Strong RBNZ Inflation Expectations Lift New Zealand Dollar

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  • Weakening Westpac Consumer Confidence Weighed on Australian Dollar – Further losses possible on underwhelming labour market data
  • US Dollar Failed to Benefit from Stronger Consumer Price Index – USD exchange rates struggle to find support
  • Bullish Eurozone GDP Failed to Boost Euro Exchange Rates – Widened trade surplus may shore up single currency
  • NZD Surged Higher on Rising RBNZ 2-Year Inflation Expectation – Signs of stronger inflationary pressure drive up New Zealand Dollar

Australian Dollar

A sharp contraction in the Westpac consumer confidence index for February left the Australian Dollar on a weaker footing yesterday. Investors were not impressed to find that sentiment had softened on the month, reigniting concerns over the domestic outlook and encouraging further selling of the ‘Aussie’. Mounting jitters ahead of today’s labour market data also helped to keep AUD exchange rates on a downtrend overnight.

While the headline unemployment rate is forecast to hold steady at 5.5% the mood towards the Australian Dollar could deteriorate further if the corresponding participation rate proves weaker.


Demand for the Pound remained somewhat muted on Wednesday, coming under fresh pressure thanks to the latest IMF assessment of the UK economy. As the IMF warned that the country needs to address its weak productivity problem, and maintained relatively bearish forecasts for growth, Sterling was pushed lower. Comments from Foreign Secretary Boris Johnson also failed to galvanise particular support for GBP exchange rates, with markets still unconvinced by his Brexit rhetoric.

In the absence of any UK data today Sterling remains vulnerable to downside pressure, particularly as markets continue to speculate about Brexit.


Although the Eurozone economy continued to demonstrate its strength, with the fourth quarter gross domestic product coming in on forecast, this was not enough to keep EUR exchange rates on a bullish trend. Despite the currency union carrying solid momentum forward into 2018 the impact of the positive GDP data quickly faded, with the European Central Bank (ECB) unlikely to alter its policy outlook any time soon. Confirmation that the German consumer price index contracted on the month in January also weighed on the Euro.

Any widening of December’s Eurozone trade surplus may help to shore up the single currency in the short term, however.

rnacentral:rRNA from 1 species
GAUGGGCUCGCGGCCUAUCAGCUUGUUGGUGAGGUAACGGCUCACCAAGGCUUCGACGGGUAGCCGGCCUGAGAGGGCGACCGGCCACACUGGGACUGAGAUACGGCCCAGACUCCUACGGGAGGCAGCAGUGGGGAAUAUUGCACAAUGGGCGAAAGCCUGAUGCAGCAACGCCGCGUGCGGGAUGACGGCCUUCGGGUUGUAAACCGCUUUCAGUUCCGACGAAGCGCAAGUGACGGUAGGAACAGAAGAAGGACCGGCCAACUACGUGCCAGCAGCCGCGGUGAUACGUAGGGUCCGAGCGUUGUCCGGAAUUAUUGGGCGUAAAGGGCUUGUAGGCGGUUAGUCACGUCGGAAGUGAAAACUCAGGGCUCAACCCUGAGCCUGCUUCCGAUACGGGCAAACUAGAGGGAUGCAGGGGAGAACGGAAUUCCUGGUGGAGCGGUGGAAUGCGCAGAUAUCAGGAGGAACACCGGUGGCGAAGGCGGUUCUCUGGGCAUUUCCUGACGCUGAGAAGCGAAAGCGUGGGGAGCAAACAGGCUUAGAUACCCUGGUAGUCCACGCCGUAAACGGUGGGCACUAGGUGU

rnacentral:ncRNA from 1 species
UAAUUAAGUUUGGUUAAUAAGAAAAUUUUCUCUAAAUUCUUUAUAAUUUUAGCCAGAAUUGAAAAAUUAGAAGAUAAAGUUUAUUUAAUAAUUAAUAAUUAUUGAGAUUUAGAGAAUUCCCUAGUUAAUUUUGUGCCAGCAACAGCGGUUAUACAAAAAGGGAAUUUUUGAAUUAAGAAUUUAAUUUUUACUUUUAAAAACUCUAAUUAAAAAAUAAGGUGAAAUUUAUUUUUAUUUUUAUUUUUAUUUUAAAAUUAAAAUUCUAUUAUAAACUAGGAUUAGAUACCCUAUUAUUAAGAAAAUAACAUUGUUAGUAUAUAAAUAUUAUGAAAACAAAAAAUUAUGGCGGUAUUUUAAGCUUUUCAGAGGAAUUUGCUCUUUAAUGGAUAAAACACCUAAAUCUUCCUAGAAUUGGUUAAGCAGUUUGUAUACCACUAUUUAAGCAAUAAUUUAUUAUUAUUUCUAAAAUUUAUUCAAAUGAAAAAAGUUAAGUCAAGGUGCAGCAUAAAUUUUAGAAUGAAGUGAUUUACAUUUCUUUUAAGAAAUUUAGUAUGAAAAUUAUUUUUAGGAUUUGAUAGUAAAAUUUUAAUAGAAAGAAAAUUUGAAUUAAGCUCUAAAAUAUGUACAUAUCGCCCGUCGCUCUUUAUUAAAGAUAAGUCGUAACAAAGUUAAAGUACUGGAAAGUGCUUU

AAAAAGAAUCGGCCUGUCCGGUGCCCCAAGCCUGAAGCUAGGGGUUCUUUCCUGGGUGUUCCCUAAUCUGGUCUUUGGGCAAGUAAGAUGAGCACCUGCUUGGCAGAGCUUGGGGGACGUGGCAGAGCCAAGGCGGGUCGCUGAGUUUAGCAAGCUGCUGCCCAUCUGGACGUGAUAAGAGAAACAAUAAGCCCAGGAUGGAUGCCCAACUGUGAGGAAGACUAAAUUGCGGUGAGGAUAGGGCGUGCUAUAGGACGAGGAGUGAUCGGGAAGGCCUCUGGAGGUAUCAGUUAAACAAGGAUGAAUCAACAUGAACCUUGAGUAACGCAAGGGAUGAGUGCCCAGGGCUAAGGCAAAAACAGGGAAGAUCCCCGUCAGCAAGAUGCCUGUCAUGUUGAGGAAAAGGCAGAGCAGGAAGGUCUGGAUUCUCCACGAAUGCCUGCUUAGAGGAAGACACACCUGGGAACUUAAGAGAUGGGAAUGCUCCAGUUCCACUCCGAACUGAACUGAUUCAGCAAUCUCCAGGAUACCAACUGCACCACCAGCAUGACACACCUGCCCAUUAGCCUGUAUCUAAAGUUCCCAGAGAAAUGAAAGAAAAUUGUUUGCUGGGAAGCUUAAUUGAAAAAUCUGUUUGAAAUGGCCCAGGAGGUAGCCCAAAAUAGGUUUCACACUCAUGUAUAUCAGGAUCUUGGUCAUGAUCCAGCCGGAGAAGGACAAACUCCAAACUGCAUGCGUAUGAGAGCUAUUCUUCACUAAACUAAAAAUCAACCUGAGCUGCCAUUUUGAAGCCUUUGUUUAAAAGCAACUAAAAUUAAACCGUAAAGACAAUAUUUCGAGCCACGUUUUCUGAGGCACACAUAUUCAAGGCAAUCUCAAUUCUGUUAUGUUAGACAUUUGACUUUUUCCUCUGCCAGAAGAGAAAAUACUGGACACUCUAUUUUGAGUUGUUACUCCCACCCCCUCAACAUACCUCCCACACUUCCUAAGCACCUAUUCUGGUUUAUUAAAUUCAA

US Dollar

While the US consumer price index held steady on the year at 2.1% the appeal of the US Dollar remained rather limited. As the CPI is not the Federal Reserve’s preferred measure of inflationary pressure this was not seen to significantly impact the odds of the central bank imminently raising interest rates. On the other hand, a surprise contraction in January’s advance retail sales figure gave investors fresh incentive to pile out of USD exchange rates.

Tonight’s Philadelphia Fed business outlook is unlikely to offer the US Dollar any real rallying point, with the index expected to dip on the month.

Canadian Dollar

A modest recovery in the oil markets offered support to the Canadian Dollar overnight, even though it was unable to gain ground against its stronger rivals. With US crude oil inventories found to have seen a smaller build-up on the week than forecast Brent crude was prompted to break back above US$63 per barrel. Even so, confidence in the outlook of the Canadian economy remains relatively weak at this juncture.

Another robust showing from tonight’s Canadian existing home sales figure may give CAD exchange rates additional encouragement.

New Zealand Dollar

Confidence in the New Zealand Dollar picked up significantly yesterday, benefitting from signs of stronger domestic inflationary pressure. Both the January food price index and Reserve Bank of New Zealand (RBNZ) 2-year inflation expectation survey for the first quarter surprised to the upside. This suggests that inflation within the New Zealand economy is not quite as sluggish as previously thought, driving increased demand for the ‘Kiwi’.

However, NZD exchange rates may struggle to hold onto this bullishness today in the absence of any supportive domestic data.

Data Released

February 15th 10:30 AUD Unemployment Rate (JAN) 5.5%
February 15th 23:30 USD Philadelphia Fed Business Outlook (FEB) 21.6
February 16th 00:00 CAD Existing Home Sales (MoM) (JAN)

Post by TorFX

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